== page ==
This is the last installment of the Kalifornsky Kitchen column.
I started this column just over a year ago, the same mid-March week everything shut down and everything changed. While I’d like to think I offered simple recipes that inspired people to cook or try new things — while highlighting ingredients that are accessible to the sometimes bare grocery shelves of the Kenai Peninsula — I feel like the column might have been more for me than it was for readers.
Everyone has been impacted by COVID-19 in one way or another over the last year. For me, the pandemic first meant having to leave the peninsula and move back home to Anchorage, where I was able to get a new job at a TV station, and a six-month magazine internship.
After the TV station sold and my internship ended, I freelanced full time, taking on gigs at trade magazines, local newspapers and I even helped build a website for a political campaign. I was also able to take two classes in grant writing and editing this winter.
Among the chaos and uncertainty 2020 and 2021 brought me, this column was one of the only consistent things I had in my life. Every week, I thought about what I wanted to make and write about, and the column became a time for me to stop what I was doing and focus on something joyful.
I’d like to thank all of the folks that took the time to read any of my columns, and even more thanks if you decided to try a recipe out. For those that sent feedback, please know that it meant so much to me.
I’m letting go of my column responsibilities to focus on a grant-funded feature story that will publish in the Peninsula Clarion in June. Then, later this summer, I’ll be moving to New York City. I’ll be embarking on a yearlong reporting fellowship with The New York Times food section. I anticipate I’ll be back home in Alaska after that, ready for whatever my next adventure is.
I’m passing the column off to a new person. She’s a trained chef living in Nikiski. She’s resourceful, talented and loves sharing recipes and helping people make delicious food. You’ll see her work next week, in a column under a new name, so look out for that.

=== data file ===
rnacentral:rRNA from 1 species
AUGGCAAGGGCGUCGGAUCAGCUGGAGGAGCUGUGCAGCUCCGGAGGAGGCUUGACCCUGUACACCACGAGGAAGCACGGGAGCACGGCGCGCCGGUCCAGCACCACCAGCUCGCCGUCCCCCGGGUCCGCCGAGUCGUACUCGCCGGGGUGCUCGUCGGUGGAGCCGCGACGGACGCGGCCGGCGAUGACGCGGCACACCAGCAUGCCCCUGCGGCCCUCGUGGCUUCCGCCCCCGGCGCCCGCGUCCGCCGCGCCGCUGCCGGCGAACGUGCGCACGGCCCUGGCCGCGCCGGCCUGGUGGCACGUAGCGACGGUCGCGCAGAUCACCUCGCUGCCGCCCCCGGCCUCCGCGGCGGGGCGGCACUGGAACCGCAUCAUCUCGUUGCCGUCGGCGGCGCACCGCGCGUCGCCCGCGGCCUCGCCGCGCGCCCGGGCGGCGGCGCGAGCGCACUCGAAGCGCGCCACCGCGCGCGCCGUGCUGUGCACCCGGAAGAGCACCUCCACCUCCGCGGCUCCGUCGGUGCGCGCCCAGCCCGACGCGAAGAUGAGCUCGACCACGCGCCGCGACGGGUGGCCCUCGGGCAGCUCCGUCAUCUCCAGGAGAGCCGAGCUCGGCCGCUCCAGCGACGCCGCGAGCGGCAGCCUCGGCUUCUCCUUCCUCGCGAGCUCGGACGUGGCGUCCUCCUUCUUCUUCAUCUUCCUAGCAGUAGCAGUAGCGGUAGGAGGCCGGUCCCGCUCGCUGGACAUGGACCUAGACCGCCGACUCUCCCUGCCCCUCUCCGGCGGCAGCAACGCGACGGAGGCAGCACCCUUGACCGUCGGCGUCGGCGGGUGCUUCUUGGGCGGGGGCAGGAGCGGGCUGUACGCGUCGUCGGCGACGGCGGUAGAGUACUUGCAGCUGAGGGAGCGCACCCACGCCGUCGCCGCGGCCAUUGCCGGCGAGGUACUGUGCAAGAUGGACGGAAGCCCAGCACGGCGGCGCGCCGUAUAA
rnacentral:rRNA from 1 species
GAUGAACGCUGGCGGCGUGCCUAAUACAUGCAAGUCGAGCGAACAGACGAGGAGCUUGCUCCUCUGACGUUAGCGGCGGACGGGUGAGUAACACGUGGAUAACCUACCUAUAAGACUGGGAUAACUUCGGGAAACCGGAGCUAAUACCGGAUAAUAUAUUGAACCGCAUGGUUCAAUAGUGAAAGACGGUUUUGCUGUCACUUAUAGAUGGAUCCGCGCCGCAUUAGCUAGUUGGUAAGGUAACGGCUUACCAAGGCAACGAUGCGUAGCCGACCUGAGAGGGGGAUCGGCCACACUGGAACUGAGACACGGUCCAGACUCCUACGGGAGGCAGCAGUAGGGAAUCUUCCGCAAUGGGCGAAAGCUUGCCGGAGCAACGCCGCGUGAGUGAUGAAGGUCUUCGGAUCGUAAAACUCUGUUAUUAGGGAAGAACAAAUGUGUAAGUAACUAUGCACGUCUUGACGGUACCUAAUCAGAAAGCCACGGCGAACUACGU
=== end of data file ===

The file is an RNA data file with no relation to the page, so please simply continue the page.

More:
But, I have one more recipe for you all. I went back and forth a lot thinking about what exactly I was going to make this week. I thought about making English muffins from scratch because it’s something I have always wanted to try. I thought about making rhubarb crumble because I have last year’s rhubarb in the freezer ready to be eaten up before fresh stuff comes back.
I ultimately decided on homemade lemonade because I bought way too many lemons when we went to Costco last week, because it’s basically summer now and because it also feels like the perfect metaphor for the last year and for how I’ve treated this column.
During the last 13 months, I’ve tried to make the best with what I’ve been given. There were many days during this brutal winter where I could not bring myself to cook, let alone eat. But I always tried to find new ways to enjoy the process of this column, use it as an opportunity to be creative and a time to be thoughtful and grateful.
I ran a lot of lemonade stands when I was a kid, but we mostly used Crystal Light packages. This lemonade is decidedly more work and more delicious than pouring powder into water. You’ll be squeezing juice out of a lot of lemons — like, six of them or so. I like my lemonade more sour than sweet, but if you like it different just adjust the sugar to your tastes. This recipe only makes about a pitcher’s worth of juice (approximately 8 cups) so make it for a special occasion or if you want to treat yourself.
Adding pureed rhubarb or berries to the lemonade would make for a tasty and refreshing beverage, and a great base for cocktails. Adding some seltzer can bring a bubbly element to your beverage, too.
This recipe has you make an easy simple syrup with white granulated sugar to add as the sweetener. If you don’t like it too sweet, only add some of the simple syrup to your lemon juice mixture. This recipe also calls for a pinch of salt, to really bring out the sour and sweet flavors. If that sounds weird to you, it’s totally fine to omit it, but it might be fun to try?
A tip for getting the most juice out of your citrus is to push on it and roll it around on your counter, like your kneading dough. The pressure you put on the citrus will help bring out the juice. I have also heard you can microwave citrus for a few seconds, and that helps bring the juiciness up as well (I haven’t tried this method, though).
I used a handheld manual juicer, but any method or equipment you have on hand can work for this. Don’t worry too much about the seeds, we’ll strain those out the best we can, but no need to obsessively try and pick them all out (this is supposed to be fun).
1 cup of sugar
1 cup of freshly squeezed lime or lemon juice, from about 4 to 6 lemons or a dozen limes (reserve the rinds and pulp for later)
1 teaspoon of salt
1. Make the simple syrup. In a small saucepan, cook the sugar and one cup of water over medium heat, stirring until the sugar dissolves. Take off the heat and set aside.
2. Make lemonade base. Bring a pot of 6 cups of water to a boil, then remove from heat. Steep all the lemon peels, pith and pulp in the water for about 10 minutes. Strain the water into a pitcher.
3. Add the lemon juice to the pitcher, along with simple syrup and salt to taste. If adding any other flavor additions, stir them into the pitcher now. Serve over ice on sip on it on a sunny summer day.